Covering Your Assets: How COVID may impact year-end tax planning (Voices)

RENO, Nev. — For business owners, another year is coming to a close, which means now is the time to review your tax strategies.

There may still be opportunities to adjust your tax plan and save money. Ask yourself the following questions — and consider the subsequent guidance — to uncover some of those potential opportunities for 2020, 2021 and beyond.

Did you purchase equipment this year?

Business owners can write off 100% of the equipment’s purchase price using bonus depreciation and/or IRC 179 expenses election.

Depending on how your taxable income is trending this COVID year, you may want to consider “opting-out” of bonus depreciation. The “opt-out” will require you to depreciate the asset over is MACRS life (generally 5, 7 or 15 years, using the double declining balance, or 150% declining balance).

If this year is an off year, you may consider postponing the purchase until 2021 to take 100% bonus depreciation in 2021.

Cash basis taxpayers beware!

Quite common in tax planning land is paying as many expenses as your bank account can handle.

This COVID year, consider backing off the throttle and leaving some cash in the bank. Tax rates can vary year over year from 10% to 37%.

Also, while operating losses can be carried forward or back, self-employment losses cannot. Savvy taxpayers maximize their after-tax cash flow year over year. You simply can’t make enough money this year if it only saves you 10%, if you have to pay 37% next year!

Did you purchase, construct or renovate an office building?

Consider performing a cost segregation study. A cost segregation study may help reclassify the cost of the building to shorter depreciation class lives or even allow you to expense some costs immediately using bonus depreciation.

Have you maximized your retirement accounts?

If you are deferring wages into a 401(k) plan, for example, contribute as much as you can. The maximum amount you can defer to your 401(k) plan for 2020 is $19,500; however, if you’re over the age of 50, you can contribute an additional $6,500 on top of that $19,500.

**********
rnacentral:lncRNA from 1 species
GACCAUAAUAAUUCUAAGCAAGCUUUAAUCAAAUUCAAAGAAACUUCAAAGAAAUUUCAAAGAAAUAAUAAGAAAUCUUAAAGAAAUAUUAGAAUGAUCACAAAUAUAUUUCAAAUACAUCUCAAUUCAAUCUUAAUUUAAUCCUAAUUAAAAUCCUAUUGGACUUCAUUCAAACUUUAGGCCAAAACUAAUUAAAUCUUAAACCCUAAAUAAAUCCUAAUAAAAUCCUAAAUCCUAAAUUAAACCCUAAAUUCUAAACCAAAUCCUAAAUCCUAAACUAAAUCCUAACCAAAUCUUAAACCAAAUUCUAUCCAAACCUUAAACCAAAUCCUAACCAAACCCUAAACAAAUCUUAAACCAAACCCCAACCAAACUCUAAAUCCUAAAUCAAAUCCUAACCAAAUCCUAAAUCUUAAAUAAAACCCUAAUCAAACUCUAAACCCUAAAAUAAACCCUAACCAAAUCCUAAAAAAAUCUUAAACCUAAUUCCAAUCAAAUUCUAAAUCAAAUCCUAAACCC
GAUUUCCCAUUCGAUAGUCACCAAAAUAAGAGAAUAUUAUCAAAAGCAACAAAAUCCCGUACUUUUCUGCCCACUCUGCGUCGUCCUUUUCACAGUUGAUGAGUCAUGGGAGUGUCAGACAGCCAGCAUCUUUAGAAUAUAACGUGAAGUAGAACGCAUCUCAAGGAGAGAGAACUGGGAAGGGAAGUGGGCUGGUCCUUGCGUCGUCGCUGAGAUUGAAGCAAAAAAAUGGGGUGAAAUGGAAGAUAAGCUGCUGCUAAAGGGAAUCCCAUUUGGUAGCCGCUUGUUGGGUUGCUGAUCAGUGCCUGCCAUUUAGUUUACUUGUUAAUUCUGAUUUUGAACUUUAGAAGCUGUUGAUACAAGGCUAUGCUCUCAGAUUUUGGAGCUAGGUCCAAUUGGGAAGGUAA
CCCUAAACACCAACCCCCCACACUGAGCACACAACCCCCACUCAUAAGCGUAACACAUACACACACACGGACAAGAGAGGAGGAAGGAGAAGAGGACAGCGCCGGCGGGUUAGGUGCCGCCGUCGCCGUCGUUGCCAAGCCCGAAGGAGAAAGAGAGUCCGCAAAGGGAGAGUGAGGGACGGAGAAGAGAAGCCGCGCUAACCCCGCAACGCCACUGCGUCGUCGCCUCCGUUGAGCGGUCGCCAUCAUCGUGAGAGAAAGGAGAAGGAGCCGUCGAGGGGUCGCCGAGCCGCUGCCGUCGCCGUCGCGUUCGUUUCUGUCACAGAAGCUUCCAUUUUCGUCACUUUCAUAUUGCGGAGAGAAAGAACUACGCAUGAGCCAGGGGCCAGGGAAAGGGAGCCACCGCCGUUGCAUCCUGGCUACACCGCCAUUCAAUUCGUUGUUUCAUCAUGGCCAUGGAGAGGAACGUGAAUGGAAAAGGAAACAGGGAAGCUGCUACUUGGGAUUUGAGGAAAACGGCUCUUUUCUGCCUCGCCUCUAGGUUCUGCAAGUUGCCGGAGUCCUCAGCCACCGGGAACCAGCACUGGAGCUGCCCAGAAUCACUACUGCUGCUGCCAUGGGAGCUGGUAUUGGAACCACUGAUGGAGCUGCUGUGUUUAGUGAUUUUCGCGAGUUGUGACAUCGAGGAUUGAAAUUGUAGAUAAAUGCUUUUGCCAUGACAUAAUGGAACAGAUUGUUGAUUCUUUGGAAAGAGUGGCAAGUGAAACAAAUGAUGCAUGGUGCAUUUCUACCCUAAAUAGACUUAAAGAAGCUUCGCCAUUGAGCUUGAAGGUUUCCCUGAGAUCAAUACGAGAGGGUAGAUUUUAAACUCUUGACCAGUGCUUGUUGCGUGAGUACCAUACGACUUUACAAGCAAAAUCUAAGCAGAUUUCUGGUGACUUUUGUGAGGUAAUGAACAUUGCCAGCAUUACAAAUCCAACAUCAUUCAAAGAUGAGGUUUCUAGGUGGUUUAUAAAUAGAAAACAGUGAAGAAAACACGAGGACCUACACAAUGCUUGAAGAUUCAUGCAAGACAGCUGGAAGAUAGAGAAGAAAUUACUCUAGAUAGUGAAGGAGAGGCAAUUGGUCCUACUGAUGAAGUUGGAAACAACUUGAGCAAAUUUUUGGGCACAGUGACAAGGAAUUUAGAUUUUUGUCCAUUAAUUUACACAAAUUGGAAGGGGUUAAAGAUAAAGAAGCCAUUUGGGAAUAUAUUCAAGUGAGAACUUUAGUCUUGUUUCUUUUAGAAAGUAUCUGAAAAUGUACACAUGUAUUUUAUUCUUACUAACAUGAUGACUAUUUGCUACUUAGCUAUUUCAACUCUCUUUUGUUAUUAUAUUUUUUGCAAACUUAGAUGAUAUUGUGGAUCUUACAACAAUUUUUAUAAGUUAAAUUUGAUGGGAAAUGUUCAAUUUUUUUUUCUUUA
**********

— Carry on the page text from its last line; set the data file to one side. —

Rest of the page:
Don’t have a retirement plan, or want to put additional amounts away for retirement? You can contribute to an Individual Retirement Account (IRA); the maximum amount anyone under the age of 50 can contribute for 2020 is $6,000. Once you reach age 50, you can contribute another $1,000 for a total of $7,000.

Contributions to an IRA, even a nondeductible IRA, could be an option to help you avoid the 3.8% investment tax on your investment income.

Talk to your tax advisor if you have additional retirement account questions. They can help you determine if you should:

  • Make Roth deferrals or pre-tax deferrals.
  • Save additional money through a “backdoor” Roth conversion.
  • Use a savings incentive match plan for employees’ (SIMPLE) IRA plan.
  • Look into a safe harbor 401(k).
  • Consider a cross-tested plan.
  • Install a cash balance defined benefit plan.

These are all great scenarios to consider.

Remember — timing is everything

The current IRS position is that expenses paid with tax-free PPP loan proceeds. The advice du jour is to accelerate forgiveness if your income is in the tank this year.

Most businesses will wait until 2021 for forgiveness. In the realm of full disclosure, certain political parties have campaign promises to increase taxes should they be elected. So, chose wisely.

There are a variety of different year-end tax strategies to consider for your business. Each situation is unique to each business, so weigh all of the potential options carefully.

Special thanks to CLA’s Mark Debroux and Rich Tower for assistance with this article.

Mike Bosma, CPA, is Principal-in-Charge of the Reno office of CliftonLarsonAllen LLP. His NNBW column, “Covering Your Assets,” focuses on effective planning strategies for every business owner. He’s also the host of “Bosma on Business,” which airs Saturdays at 10 a.m. on Newstalk 780 KOH. Reach him for comment at


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